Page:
Dominick Street Upper is notably home to Aniar, a terroir-based restaurant and cooking school which serves dinner tasting menus based on local and seasonal ingredients. Ireland’s west coast is a rich fertile landscape with numerous sheep farms and a bountiful fishing culture in delights such as a salmon and oysters. Given Ireland’s moderate, oceanic climate, it makes sense that Ireland’s food culture would explode highlighting simple and local ingredients. Anyone who thinks Irish food is bad has only eaten on Aer Lingus (Sorry Aer Lingus! You were amazing in letting us change our return flights, but we need to talk about your meals).
Galway is home to Michelin Star restaurant Loam, meaning “rich, fertile soil” and is seasonally-driven cooking rooted in tradition. Recommendations are highly recommended for Aniar and Loam, and as our dates were left open and unplanned, we weren’t able to secure last-minute tables — we’ll be prepared the next time around!
Even the most simple of foods on the west coast of Ireland are made as though their purpose is to warm your soul.
Even the most simple of foods on the west coast of Ireland are made as though their purpose is to warm your soul. At Tartare, another Dominick Street Upper destination and sister restaurant to Aniar, I sat for a simple lunch. This lovely wine bar and café, slightly francophile in design, served up a potato, leek, and dillisk soup with the best soda bread I tasted in the whole of Ireland.
Possibly one of the greatest meals to have in Galway, in the most delightful and cozy setting is Ard Bia at Nimmos. In an incredible dockside location near to the Spanish Arch with windows looking right out over the water, Ard Bia is a warm and welcoming food destination serving seasonal, fresh and local fare. Come for a weekend brunch or for dinner and even rent the room upstairs. Andrew admired the cookbook and selection of homemade tarts and pies at the bar while we waited to be seated for Saturday brunch.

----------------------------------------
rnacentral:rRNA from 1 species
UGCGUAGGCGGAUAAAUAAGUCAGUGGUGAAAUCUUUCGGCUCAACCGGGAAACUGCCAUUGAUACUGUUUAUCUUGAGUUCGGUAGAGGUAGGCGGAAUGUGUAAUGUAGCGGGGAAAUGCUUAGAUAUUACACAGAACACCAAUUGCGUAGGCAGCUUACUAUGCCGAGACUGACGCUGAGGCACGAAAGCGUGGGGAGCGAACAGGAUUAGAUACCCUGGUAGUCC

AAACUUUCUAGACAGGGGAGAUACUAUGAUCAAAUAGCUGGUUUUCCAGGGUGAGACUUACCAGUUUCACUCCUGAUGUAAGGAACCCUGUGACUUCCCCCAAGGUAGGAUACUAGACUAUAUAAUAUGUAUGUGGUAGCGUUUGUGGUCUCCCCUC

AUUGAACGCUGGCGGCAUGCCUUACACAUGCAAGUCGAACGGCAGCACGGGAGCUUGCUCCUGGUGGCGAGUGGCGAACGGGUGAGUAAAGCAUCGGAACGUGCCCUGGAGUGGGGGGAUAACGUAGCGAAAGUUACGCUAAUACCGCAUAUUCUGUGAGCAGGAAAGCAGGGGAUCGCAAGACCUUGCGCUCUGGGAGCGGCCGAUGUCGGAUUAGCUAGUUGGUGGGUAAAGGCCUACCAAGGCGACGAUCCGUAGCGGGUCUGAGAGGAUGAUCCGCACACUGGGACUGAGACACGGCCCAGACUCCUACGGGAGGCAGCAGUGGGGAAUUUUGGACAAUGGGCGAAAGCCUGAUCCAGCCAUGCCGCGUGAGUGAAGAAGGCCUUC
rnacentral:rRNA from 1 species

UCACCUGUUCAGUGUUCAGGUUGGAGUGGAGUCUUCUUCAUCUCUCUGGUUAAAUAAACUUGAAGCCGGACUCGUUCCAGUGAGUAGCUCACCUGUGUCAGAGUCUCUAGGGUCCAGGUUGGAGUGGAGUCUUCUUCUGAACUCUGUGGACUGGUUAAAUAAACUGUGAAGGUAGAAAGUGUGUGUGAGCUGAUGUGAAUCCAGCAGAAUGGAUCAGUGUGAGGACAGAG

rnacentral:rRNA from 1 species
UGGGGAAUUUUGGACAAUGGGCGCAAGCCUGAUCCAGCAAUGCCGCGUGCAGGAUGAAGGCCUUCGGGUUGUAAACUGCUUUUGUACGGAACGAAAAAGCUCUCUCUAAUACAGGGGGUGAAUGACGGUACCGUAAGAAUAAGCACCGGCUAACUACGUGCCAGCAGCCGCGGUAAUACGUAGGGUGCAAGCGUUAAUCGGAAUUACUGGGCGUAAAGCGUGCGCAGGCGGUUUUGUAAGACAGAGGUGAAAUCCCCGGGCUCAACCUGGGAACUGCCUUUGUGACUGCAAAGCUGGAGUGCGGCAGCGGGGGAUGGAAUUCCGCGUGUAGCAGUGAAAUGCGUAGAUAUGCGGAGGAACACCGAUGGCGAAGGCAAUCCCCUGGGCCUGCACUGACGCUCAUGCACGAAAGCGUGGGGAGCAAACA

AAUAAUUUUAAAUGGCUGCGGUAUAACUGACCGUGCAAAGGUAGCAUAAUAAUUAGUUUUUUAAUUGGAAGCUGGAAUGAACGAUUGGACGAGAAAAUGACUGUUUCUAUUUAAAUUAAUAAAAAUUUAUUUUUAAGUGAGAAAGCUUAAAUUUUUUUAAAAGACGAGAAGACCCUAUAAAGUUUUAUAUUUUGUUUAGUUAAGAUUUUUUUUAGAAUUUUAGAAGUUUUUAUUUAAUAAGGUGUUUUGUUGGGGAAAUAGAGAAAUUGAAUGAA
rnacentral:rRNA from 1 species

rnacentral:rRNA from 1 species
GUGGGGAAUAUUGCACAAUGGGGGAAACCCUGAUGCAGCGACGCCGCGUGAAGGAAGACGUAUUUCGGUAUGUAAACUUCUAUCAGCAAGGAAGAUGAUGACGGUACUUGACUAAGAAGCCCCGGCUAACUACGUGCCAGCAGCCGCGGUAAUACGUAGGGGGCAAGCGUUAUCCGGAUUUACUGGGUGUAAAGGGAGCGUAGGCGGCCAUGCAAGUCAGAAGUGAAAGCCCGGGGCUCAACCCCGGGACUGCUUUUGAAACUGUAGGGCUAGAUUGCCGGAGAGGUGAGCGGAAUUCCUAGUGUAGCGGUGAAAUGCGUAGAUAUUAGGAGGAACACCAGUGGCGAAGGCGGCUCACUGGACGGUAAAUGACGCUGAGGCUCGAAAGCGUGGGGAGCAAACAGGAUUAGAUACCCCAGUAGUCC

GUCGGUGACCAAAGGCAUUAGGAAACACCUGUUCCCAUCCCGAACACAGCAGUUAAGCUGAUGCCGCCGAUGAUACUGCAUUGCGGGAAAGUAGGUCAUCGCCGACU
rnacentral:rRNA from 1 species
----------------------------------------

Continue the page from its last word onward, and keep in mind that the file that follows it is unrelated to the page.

My meal began with a Bellini made from locally-sourced apple and pear juice. Andrew ordered a delectable maple ham, while I savored a root salad with fresh hummus and a side of smoked salmon from the Burren. We couldn’t ignore the beautiful desserts and finished our meal with espressos and a slice of gin and almond cake.
Irish people love their beer and whiskey — and much like in the U.S., it seems every region has their local, delicious brew. And there are some Irish whiskeys that are putting whiskeys around the world at bay. Gin, also happens to be a big deal and a common order to see at the pubs, and you’ll see orders of Dingle served in giant stemmed wine glasses of ice, often with juniper berries for garnish and a miniature glass bottle of tonic on the side. At Tribeton, the second-floor bar and restaurant in a monumental, skylit space on an unexpected street surrounded by parking garages, bartenders are whipping up delicious, complex cocktails.
North of the island of great restaurants in Nuns Island, home to the impressive Galway Cathedral. It’s a rather quiet island but is also home to the Nun’s Island Theatre — a destination for shows and films. The theatre is a stone edifice recognizable by its bright, tapered red door.
A ferry to the Aran Islands is available daily from Galway, the actual departure point is about an hour from Galway City in Rossaveal and accessible by bus.
If you go…
Take note: Museums tend to be closed on Sundays.
Bars & Restaurants
Ard Bia at Nimmos | Spanish Arch, Long Walk, Galway, H91 E9XA
Loam | Geata Na Cathrach, Fairgreen Road, Galway
Tartare Cafe + Wine Bar | 56 Lower Dominick Street, Galway
Tribeton | 1-3 Merchant’s Road, Galway
We stayed at the loveliest Airbnb, hosted by one of the sweetest couples in Galway.
The charming flat for rent at Ard Bia, also for rent via Airbnb.